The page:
When Camden Ege was preparing to leave the Air Force in 2013, he took part in programs the military offers to help those transitioning to civilian life.

Ege said the sessions were fine as far as they went. But they didn’t focus enough on his goal after six years of duty – earning a college degree through the GI Bill.

“It was almost entirely composed of applying for a job and interviewing,” he remembers, with nothing on how to use the bill to get a degree.

So Ege educated himself on what the bill could do to pay for tuition and offer a monthly stipend. He ultimately earned a bachelor’s degree in criminology and master’s degree in leadership and organizational studies from the University of Southern Maine, where he is now assistant director of Veteran’s Services, a position that allows him to pass on what he has learned to other veterans.

The GI Bill, adopted in the last year of World War II, has always been seen as the centerpiece of the nation’s commitment to pay back veterans for their service to the country and to reintegrate them into the civilian ranks.

Each state has an approving agency, which reviews veterans’ post-service plans to make sure they are eligible for the GI Bill. Ege ran the Maine approving agency from 2018 until earlier this year, when the position at USM came open.


The bill and its benefits have undergone changes since the first GI Bill was adopted in 1944 in anticipation of the hundreds of thousands of veterans returning to the U.S. after the war. In addition to education benefits, veterans are also eligible for low-interest rate loans for buying homes, businesses or farms.

In 1966, the bill’s coverage was extended to all veterans, not just those who served in wars, and the benefits were enhanced again in a post-9/11 bill and another package of benefits approved in 2017.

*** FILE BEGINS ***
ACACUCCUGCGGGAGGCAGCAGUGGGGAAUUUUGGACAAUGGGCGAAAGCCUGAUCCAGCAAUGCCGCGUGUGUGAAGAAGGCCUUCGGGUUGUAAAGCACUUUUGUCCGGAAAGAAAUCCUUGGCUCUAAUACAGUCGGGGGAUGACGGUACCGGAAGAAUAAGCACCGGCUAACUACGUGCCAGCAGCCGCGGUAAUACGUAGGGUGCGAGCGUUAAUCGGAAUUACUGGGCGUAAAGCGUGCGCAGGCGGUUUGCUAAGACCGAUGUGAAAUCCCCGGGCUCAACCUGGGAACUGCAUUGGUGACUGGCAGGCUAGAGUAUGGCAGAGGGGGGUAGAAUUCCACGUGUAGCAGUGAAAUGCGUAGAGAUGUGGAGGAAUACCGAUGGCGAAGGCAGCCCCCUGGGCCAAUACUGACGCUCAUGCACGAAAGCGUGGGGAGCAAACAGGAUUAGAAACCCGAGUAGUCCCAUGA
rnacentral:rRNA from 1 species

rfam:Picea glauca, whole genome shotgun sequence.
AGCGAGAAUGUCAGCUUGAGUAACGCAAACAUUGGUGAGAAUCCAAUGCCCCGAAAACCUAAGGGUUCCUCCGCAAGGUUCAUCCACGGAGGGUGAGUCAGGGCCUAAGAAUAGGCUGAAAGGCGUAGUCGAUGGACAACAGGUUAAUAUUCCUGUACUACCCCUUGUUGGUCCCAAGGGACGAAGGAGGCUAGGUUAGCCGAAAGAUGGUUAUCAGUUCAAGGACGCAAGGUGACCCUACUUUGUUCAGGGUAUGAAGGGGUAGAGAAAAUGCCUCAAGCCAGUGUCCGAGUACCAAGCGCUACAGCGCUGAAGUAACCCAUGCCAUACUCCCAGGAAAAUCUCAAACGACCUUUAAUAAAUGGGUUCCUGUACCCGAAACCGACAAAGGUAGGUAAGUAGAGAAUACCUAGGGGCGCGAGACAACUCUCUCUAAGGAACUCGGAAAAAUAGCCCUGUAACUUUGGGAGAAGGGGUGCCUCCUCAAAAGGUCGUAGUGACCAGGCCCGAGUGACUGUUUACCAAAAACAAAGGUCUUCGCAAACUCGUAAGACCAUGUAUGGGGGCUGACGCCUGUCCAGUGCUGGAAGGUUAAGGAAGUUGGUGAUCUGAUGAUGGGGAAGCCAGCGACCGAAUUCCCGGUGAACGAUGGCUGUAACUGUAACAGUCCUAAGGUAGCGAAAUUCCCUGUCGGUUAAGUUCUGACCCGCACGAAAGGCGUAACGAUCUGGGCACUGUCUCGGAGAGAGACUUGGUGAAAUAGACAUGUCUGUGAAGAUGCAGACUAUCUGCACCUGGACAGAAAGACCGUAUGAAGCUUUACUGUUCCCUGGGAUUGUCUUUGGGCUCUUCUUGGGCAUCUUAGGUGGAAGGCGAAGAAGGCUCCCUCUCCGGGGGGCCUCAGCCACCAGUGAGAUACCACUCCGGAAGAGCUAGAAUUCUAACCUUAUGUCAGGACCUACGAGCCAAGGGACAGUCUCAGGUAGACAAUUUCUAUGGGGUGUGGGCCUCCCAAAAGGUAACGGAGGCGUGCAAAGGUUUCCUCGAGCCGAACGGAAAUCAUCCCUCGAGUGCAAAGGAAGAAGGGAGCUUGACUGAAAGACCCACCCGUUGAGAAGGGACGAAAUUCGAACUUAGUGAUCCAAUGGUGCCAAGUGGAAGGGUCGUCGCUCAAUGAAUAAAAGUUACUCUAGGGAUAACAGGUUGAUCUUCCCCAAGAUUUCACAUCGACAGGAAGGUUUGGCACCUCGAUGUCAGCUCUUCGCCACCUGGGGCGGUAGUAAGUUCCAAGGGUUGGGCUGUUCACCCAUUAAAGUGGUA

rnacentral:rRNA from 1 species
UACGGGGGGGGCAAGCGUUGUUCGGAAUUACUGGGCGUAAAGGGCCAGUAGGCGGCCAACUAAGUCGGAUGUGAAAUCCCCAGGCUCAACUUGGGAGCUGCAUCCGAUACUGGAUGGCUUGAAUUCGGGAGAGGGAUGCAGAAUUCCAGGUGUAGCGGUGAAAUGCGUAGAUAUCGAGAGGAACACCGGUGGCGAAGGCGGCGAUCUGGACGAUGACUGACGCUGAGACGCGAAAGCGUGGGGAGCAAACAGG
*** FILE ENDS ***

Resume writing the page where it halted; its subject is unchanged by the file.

Ege said the current version of the bill is a good deal for veterans. For one thing, he said, it offers a broader definition of higher education – from traditional college to cosmetology school and apprenticeship programs.

The GI Bill has undergone some big changes since it was first signed into law by President Franklin D. Roosevelt in 1944. Most recently, coverage was broadened beyond traditional college studies to include other types of higher education like apprenticeship programs. Robert Clover/Associated Press

“There’s a wide range of ways that a veteran can use the GI bill,” Ege said, and his office at USM works with the local Veterans Center, which offers readjustment services, including counseling, to veterans returning to civilian life.

One major advantage of the post-9/11 GI Bill, he said, is an enhanced housing allowance for veterans in addition to tuition payments. In the Portland area, that comes to about $2,000 a month, enough for a veteran to get a place to live and cover some other living expenses.

That means a vet can concentrate on his or her studies and either be able to forgo a job or take a part-time position with fewer hours. Also, because the bill allows students to take on apprentice positions, the stipend would make it easier to make ends meet on a diminished salary, Ege said.

After the post-9/11 benefits bill was adopted, there was a spike in the number of veterans eager to tap into the aid package, Ege said. But in the last year, there’s been a drop in those leaving the military, largely due to the coronavirus pandemic.

The pandemic created a lot of uncertainty in the job market and many have decided to stay in the military until things settle out, Ege said. At that point, the military should do a better job of explaining the benefits available through the bill, but if it doesn’t he predicts organizations like the one at USM and local veterans’ services group will help.

“It can serve GIs today, but I don’t know if it’s being used as well as it can,” he said.

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